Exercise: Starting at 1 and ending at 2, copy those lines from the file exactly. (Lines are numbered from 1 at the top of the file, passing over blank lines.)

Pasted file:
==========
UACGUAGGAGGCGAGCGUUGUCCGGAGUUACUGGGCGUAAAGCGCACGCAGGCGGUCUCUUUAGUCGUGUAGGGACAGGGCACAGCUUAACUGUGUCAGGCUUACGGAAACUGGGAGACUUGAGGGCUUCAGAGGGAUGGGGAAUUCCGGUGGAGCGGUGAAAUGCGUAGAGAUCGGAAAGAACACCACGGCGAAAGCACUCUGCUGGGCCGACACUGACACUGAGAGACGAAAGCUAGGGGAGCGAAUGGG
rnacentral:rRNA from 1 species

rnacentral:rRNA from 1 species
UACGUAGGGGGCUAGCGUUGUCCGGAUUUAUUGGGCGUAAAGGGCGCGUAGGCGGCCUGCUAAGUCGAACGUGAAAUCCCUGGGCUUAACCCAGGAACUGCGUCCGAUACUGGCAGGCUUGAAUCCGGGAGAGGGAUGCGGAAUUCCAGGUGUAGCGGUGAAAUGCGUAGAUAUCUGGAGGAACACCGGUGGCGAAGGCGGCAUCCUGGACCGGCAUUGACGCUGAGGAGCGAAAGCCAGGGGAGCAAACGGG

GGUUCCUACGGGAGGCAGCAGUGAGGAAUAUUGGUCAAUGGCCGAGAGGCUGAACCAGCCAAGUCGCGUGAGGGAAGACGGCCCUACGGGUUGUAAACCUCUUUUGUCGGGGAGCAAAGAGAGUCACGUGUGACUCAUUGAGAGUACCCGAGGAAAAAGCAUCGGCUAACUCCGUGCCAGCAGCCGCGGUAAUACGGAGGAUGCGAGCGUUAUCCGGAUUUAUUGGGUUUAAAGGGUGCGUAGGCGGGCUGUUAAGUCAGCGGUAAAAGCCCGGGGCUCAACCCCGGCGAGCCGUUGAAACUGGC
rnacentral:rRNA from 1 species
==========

UACGUAGGAGGCGAGCGUUGUCCGGAGUUACUGGGCGUAAAGCGCACGCAGGCGGUCUCUUUAGUCGUGUAGGGACAGGGCACAGCUUAACUGUGUCAGGCUUACGGAAACUGGGAGACUUGAGGGCUUCAGAGGGAUGGGGAAUUCCGGUGGAGCGGUGAAAUGCGUAGAGAUCGGAAAGAACACCACGGCGAAAGCACUCUGCUGGGCCGACACUGACACUGAGAGACGAAAGCUAGGGGAGCGAAUGGG
rnacentral:rRNA from 1 species